by Christine Huebner.
And it’s on: since Thursday some 400 million Europeans are called to the ballot to cast their vote in the European Parliament elections 2014. The mammoth election event spanning four days of continuous voting kicked off in the UK and the Netherlands on Thursday. Until Sunday, voters across 28 EU member states are invited to the polling stations.Empty polling stations
I set my mark on the ballot early on Thursday morning before starting my workday in an entirely empty polling station in Rotterdam – no comparison to waiting in line for a good 10 minutes during the municipal elections just two months ago. This empty experience set the tone for what followed: a day of discussions with colleagues, friends, and acquaintances of which most had no intention to vote. And there was no blame – their reasons why were all comprehensible to me:
- “I know close to nothing about the candidates. There was hardly anything about it in the media. And did you see any posters or election campaigners out here in the past days?”
- “I tried to find out more about the parties and what are they are up for, but only doing the vote match test is not enough I find. It is really sad that there was so little information.”
- “I feel I have no stake in this election – what are we voting for anyways if even our own politicians are not enthusiastic about this?”
The tragedy of non-communication
Whoever I talked to, they were all right: compared to the efforts taken in national or local elections there was hardly any campaigning going on for this election. If they existed, posters in the Netherlands, Germany, Austria or the UK boasted campaign slogans void of any content: They are proclaiming such smart things as “Together for Europe”, “Rethinking Europe”, or “Say yes!” (and for matters of completion “Say No!” as well). National politicians demonstrate low enthusiasm for the vote, if they pay attention to it at all amongst a multitude of other election events going on at the same time.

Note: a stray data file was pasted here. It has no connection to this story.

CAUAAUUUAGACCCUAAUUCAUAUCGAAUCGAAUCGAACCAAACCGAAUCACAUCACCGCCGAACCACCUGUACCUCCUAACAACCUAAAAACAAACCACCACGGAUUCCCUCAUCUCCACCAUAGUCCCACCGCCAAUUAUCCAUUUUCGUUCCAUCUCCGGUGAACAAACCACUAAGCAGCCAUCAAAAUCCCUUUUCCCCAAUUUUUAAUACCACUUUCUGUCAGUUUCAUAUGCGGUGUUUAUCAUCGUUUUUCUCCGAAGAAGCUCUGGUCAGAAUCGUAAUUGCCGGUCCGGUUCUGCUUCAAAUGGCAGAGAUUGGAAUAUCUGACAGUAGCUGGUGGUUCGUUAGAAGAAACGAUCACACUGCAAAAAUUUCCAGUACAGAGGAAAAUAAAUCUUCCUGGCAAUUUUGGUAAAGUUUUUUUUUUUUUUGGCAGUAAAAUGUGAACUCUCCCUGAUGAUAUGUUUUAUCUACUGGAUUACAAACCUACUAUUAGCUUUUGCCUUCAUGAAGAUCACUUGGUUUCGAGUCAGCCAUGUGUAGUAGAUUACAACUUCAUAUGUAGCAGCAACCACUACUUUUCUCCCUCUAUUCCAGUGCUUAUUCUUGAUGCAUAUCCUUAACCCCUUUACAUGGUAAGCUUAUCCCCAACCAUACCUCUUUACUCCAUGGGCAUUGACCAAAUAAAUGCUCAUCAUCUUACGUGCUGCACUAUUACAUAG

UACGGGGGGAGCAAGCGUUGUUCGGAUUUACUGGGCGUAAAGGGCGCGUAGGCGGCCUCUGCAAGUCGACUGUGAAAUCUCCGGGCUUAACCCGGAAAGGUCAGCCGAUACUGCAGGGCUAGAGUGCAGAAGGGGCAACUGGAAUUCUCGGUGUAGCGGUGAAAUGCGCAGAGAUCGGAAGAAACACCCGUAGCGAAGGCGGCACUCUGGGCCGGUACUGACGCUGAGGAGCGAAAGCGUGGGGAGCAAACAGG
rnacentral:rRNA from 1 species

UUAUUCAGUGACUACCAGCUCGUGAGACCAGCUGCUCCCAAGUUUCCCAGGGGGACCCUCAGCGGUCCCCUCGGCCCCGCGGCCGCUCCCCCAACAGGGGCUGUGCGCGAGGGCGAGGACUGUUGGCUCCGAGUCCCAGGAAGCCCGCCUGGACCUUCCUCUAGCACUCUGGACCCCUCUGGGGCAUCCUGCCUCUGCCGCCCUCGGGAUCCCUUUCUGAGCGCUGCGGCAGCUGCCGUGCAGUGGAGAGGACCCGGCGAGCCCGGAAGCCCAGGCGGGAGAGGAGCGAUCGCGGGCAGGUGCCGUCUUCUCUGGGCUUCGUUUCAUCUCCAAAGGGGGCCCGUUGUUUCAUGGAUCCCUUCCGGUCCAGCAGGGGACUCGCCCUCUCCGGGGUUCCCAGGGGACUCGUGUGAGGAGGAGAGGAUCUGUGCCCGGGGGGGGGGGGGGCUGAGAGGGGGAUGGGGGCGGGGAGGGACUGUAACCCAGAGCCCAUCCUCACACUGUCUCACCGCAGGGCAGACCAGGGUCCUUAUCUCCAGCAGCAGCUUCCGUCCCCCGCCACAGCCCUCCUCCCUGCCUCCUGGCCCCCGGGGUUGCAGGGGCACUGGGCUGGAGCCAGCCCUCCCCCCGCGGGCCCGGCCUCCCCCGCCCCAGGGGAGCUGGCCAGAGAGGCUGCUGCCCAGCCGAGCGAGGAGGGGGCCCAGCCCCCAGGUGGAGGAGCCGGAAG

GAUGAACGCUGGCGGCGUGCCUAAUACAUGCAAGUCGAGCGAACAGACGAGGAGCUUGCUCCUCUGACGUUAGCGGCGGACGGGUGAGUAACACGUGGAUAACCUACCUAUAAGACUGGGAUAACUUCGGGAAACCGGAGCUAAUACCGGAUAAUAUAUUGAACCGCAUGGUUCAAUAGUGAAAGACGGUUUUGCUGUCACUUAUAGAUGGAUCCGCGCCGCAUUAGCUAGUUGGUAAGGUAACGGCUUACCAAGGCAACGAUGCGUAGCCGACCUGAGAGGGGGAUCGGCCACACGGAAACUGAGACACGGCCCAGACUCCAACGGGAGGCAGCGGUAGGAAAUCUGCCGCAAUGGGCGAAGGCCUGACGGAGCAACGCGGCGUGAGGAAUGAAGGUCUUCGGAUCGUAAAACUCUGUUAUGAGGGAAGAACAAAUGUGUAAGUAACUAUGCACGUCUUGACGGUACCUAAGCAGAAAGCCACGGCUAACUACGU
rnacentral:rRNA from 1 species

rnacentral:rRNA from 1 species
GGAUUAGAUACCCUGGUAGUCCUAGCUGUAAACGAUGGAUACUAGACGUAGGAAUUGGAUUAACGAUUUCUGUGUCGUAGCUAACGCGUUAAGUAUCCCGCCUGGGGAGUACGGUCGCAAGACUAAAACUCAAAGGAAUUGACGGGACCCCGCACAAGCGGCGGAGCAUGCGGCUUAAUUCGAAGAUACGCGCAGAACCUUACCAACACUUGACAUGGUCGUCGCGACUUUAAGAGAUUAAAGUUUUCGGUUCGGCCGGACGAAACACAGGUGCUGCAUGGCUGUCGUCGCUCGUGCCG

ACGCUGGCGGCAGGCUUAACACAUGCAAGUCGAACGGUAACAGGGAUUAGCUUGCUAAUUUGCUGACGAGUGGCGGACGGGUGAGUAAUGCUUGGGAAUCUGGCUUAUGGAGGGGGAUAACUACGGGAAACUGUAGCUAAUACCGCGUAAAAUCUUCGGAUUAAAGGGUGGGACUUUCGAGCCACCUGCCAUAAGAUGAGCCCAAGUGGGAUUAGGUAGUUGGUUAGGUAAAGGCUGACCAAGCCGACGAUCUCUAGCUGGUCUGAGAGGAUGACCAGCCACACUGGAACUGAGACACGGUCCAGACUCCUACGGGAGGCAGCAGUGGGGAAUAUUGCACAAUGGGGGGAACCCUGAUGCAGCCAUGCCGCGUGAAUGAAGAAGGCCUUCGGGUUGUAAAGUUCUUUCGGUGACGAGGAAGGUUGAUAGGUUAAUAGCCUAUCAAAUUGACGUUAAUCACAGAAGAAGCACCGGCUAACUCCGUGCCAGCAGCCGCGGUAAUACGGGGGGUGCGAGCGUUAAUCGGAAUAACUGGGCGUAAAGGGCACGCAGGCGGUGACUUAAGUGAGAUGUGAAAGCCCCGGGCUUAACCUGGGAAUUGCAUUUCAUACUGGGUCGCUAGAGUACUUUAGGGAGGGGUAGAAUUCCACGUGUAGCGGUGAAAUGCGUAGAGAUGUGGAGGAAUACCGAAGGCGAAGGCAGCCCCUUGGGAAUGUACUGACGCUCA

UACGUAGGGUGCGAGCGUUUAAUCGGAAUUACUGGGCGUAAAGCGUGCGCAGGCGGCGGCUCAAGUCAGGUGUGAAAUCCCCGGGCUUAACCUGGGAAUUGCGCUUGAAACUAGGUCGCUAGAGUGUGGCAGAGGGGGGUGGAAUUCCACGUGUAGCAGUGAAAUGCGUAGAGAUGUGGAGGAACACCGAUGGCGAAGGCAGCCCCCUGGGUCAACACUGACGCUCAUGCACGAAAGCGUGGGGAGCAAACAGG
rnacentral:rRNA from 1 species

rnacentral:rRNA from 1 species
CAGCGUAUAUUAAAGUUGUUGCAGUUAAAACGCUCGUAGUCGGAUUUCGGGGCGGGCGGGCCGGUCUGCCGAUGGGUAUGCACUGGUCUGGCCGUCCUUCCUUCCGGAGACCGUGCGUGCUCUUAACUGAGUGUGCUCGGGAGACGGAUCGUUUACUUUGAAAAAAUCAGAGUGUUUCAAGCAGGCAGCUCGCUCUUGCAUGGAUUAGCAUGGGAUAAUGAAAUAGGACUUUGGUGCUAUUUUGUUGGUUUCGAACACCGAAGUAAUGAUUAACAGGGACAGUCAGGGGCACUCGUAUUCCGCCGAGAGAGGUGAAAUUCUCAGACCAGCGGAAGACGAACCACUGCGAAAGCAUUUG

Not worth the prime-time status
There were three (!!!) TV debates of the EU campaign leaders (hosted in Maastricht, Florence, and Brussels) and none of them was broadcasted by a leading national broadcasting unit, let alone in prime time: in Germany special interest channel Phoenix aired the debate, in the Netherlands public broadcaster NOS just managed to offer a web streaming. For those interested, you can view the entire sad list of broadcasters here. EU officials celebrated the 100k tweets for the Twitter hashtag #TellEurope that had been accompanying the TV debate as a great success. However, comparing this figure to a soaring 2.3 million tweets for the hashtag #eurovision during the song contest just two weeks ago, I am getting the chills of downright realism. And that is without even matching up to prime time TV coverage of the two events!
Communication done right – but for the wrong reasons
It is ironic that this vote is going to be decided by dutiful lobbyists, broadcasting decision makers, and maybe even Facebook rather than by political parties, their candidates and – most importantly – the EU citizens. For the first time, the megalomanic social network is offering its ‘I’m a Voter’ election feature for European users and may have more of an impact on voting behaviour with it than all campaigners taken together. A study published in Nature states that the use of the button may cause a small, but significant surge in voter turnout. It is – of course – not for matters of civic duties that Facebook is offering the feature, but rather as an allegedly smart marketing tool.
And the results?
What could be the potential impact of this tragedy of non-communication around the EU elections? Although this new EU parliament may become significantly more influential than any of its predecessors, it could well be elected by a non-representative sample of some 30%-40% of the population (judging by turnout figures from 5 years ago and pre-election polls).
Studies forecast that it will mostly be the well educated who will determine the composition of the new Brussels parliament – those who know how to navigate the Internet to get information that is not available in the general media. The remarkable trough of enthusiasm for this election in the media and amongst politicians themselves could further help pro-European voters gain impact: those that are intrinsically motivated to support the European idea are twice as likely to vote compared to eurosceptic voters. On the other hand, an interlocked system of low turnout, rejected election thresholds (notably Germany’s no to a 3% threshold) and the latest successes of anti-EU right wing parties could give an uncontrolled boost to their popularity in the election and status in the new parliament.
In 21 countries, voters can still turn to the ballot tomorrow, Sunday, May 25th. Although we cannot shape the communication tragedy around this EP election anymore, we can at least try to influence the real-life policy that will result.
Go cast your vote tomorrow!